The Military Police Complaints Commission released a report in June clearing individual military police officers of fault, but pointing to systemic failings with respect to the transfer of prisoners in Afghanistan to the custody of Afghan officials.
In August, a Ministerial Direction from 2011 was made public instructing the Royal Canadian Mounted Police and the Canadian Border Services Agency, in cases involving a serious threat to public safety, to make use of foreign intelligence that may have been obtained through torture and to share information with foreign governments even if doing so would give rise to a substantial risk of torture.
In September, Omar Khadr, a Canadian citizen apprehended by US forces in Afghanistan in 2002 when he was 15 and detained at Guantánamo Bay since, was transferred to a Canadian prison. Further to a 2011 plea deal, he had been eligible for transfer for 11 months.
Refugees and asylum-seekers
In June, legislation was passed requiring mandatory detention of asylum-seekers arriving in Canada in an irregular manner. The legislation denied access to the Refugee Appeal Division to such individuals as well as to refugee claimants coming from designated safe countries of origin.
In June, the government introduced new legislation which would strip large numbers of permanent residents with criminal records of the ability to appeal or seek humanitarian relief from deportation orders.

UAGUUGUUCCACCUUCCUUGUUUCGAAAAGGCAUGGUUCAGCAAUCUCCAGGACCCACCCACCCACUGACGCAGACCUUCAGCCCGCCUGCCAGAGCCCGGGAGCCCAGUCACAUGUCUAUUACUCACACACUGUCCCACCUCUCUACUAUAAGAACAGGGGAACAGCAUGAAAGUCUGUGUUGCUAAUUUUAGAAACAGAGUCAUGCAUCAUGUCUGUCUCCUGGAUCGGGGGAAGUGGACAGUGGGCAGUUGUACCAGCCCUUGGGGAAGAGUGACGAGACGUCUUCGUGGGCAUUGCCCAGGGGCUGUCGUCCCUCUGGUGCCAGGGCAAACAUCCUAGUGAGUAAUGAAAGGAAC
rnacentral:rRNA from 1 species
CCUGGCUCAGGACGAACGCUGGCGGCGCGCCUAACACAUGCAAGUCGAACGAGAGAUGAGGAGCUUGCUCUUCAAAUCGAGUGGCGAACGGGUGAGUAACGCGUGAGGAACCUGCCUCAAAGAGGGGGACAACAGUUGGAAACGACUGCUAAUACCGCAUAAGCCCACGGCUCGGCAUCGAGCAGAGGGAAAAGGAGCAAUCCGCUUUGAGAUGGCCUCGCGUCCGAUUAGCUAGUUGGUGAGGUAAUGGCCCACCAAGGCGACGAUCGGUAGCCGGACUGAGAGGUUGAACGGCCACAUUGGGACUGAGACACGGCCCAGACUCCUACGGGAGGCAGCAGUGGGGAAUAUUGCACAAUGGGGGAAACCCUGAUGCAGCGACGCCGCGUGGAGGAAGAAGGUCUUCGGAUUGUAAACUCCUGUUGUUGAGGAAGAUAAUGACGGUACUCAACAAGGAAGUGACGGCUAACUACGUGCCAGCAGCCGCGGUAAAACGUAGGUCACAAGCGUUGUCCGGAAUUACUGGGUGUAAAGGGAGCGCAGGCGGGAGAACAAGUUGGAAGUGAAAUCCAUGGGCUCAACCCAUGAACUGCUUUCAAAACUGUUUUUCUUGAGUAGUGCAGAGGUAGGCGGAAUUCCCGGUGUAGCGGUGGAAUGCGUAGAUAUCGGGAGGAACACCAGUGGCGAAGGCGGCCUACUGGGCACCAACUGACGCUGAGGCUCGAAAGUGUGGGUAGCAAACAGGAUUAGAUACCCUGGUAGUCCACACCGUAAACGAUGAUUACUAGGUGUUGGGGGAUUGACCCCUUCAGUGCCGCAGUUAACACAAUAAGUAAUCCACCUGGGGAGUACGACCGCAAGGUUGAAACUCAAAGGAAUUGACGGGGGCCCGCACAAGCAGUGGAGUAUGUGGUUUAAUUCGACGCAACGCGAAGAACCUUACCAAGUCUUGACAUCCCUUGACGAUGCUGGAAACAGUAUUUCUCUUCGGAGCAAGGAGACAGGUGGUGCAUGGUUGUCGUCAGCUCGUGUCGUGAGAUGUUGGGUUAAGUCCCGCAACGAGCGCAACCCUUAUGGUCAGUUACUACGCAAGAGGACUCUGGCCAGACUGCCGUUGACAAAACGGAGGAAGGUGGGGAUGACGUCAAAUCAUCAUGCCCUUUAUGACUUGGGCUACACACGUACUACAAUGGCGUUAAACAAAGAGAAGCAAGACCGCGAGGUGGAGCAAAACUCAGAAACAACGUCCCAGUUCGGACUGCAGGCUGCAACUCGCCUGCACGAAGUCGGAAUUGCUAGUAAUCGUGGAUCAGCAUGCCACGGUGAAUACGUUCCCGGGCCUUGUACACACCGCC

Also in June, the government instituted drastic cuts to the Interim Federal Health Program for refugees. Among other restrictions, refugee claimants from designated safe countries of origin would only be eligible for health care if they posed a risk to the health of others.
In September, Kimberly Rivera, whose claim for refugee status based on her desertion from the US military for reasons of conscience was rejected, was deported to the USA where she was arrested. She was confined to Fort Carson Army Base awaiting court-martial at the end of the year.
Police and security forces
Emergency legislation limiting freedom of expression and assembly was enacted in the province of Quebec in May in response to mass student demonstrations. It was suspended in September following a change of government. The government did not respond to calls for a public inquiry into police abuses during the demonstrations.
In May, the Office of the Independent Police Review Director in the province of Ontario recommended disciplinary proceedings against 36 police officers for offences associated with the policing of demonstrations at the G20 Summit in Toronto in 2010. Disciplinary hearings and court challenges were continuing at the end of the year.
In May, a mandated report was released, assessing the human rights impacts of the Canada-Colombia Free Trade Agreement which had entered into force in August 2011. The government claimed it was too early to assess the impacts.
In November, the Supreme Court refused to hear an appeal in a case brought against a Canadian mining company for alleged responsibility for human rights abuses in the Democratic Republic of the Congo. Lower courts had ruled that Canada was not the appropriate jurisdiction in which to hear the case.